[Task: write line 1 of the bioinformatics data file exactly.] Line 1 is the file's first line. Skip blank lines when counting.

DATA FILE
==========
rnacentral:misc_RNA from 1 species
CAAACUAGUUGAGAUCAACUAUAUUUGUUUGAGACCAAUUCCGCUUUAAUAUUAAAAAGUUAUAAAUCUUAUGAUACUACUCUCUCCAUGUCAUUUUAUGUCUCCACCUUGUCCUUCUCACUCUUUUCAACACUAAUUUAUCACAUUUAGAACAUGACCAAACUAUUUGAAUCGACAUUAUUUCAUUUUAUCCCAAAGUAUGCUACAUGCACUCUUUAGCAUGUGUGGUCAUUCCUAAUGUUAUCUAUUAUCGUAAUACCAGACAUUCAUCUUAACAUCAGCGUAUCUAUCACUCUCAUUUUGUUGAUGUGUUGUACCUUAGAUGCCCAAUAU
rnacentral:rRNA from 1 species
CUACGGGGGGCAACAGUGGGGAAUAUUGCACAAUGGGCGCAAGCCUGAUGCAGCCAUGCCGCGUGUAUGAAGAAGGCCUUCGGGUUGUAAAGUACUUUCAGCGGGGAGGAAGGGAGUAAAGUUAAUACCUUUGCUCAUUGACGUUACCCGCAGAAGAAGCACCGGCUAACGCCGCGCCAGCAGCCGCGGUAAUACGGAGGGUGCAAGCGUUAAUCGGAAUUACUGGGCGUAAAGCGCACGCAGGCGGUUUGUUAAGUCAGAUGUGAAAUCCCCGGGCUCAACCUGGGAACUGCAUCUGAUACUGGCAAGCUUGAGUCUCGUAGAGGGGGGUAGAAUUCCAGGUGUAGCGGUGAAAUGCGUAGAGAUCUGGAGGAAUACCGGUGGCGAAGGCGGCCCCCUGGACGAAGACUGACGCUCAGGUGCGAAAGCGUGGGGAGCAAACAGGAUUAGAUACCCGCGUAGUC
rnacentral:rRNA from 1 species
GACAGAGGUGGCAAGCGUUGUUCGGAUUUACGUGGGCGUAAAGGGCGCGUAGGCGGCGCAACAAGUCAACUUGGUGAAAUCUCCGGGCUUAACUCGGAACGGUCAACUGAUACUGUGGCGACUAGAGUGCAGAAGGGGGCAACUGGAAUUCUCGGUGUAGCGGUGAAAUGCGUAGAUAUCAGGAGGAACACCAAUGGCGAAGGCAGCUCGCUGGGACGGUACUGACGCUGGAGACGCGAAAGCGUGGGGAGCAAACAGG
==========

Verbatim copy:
rnacentral:misc_RNA from 1 species